[Please welcome frequent guest writer André Callot – now a formal contributor! With his own username and everything!]
Détournement is a stand-in for a noble revolutionary guerilla war. On one side, the forces of “the spectacle,” or capitalism: all of the power of constructed media language, the entire culture of representation and every image you’ve ever seen in your life. On the other side, the artist: a valiant resistance fighter, cursed with the knowledge that he alone must take the enemy’s ammunition and use it against them. By reshaping the palace of the commercial image into something ugly, something political, détournement takes the power away from the autonomous image and returns it to the people. All very romantic and sexy and French.
Speaking of pornography, there is a kind of combat at work in porn, too (and not just in the really good kind). The two sides of the conceptual battle in porn are similar to the ones I just mentioned: the performers/creators who do it for money or fame or what have you, and the “sex artists” who do it because it is their creative passion. As with “the spectacle,” pornography defaults to the system of power associated with capitalism, against which the few serious auteurs struggle.
A struggle between artists and capitalism? Yes, I guess I am talking about television. Specifically, the intersection of television, Situationist art and porn: the porn parody.
In September 2007, Not the Bradys XXX (a porn featuring the characters from The Brady Bunch) became a huge hit, drew mainstream media attention and started a porn trend that is entering its third year. When it became clear that major media companies would rather look the other way than draw attention to sexually explicit videos that exploit high-profile intellectual properties, porn versions of almost every successful show on television were produced. A Friends porn. A Scrubs porn. A Seinfeld porn. High production values (provided by near-guaranteed sales) allowed for the mimicking of the sets, the costumes and the casts of these shows, down to fine details like Elaine Benes’s big, curly hair. It was all really funny and novel and cute…for the first six months.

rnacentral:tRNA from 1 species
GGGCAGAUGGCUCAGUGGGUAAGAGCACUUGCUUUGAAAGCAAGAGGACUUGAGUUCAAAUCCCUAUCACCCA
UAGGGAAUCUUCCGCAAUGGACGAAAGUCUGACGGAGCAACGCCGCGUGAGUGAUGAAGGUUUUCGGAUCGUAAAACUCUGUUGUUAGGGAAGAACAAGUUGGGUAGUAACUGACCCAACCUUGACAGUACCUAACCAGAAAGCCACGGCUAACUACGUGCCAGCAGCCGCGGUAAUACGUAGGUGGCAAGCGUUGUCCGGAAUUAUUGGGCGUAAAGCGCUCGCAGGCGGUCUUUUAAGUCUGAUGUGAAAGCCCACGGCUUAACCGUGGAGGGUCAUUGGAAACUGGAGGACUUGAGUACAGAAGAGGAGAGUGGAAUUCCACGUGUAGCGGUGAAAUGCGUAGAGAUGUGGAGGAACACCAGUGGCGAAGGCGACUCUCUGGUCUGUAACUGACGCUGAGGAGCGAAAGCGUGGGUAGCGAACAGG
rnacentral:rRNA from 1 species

Now, years later, the novelty is gone. What isn’t gone is the business model. A Dexter porn? Well, all right. A Borat porn? That would have been a terrible idea when Sacha Baron Cohen still had a career. Today it’s just bizarre and unfortunate. At this point, porn parodies still sell a little better than “regular” porn, but not enough to justify the huge budgets and all-star casts of the past. Whether these parodies were ever détournement can be debated. The ones produced now, though, seem to have settled down to the level of harmless cash-in, bereft of the shock-of-recognition that made the first ones possibly disruptive to the power contained in the original television shows.
Maybe, maybe not.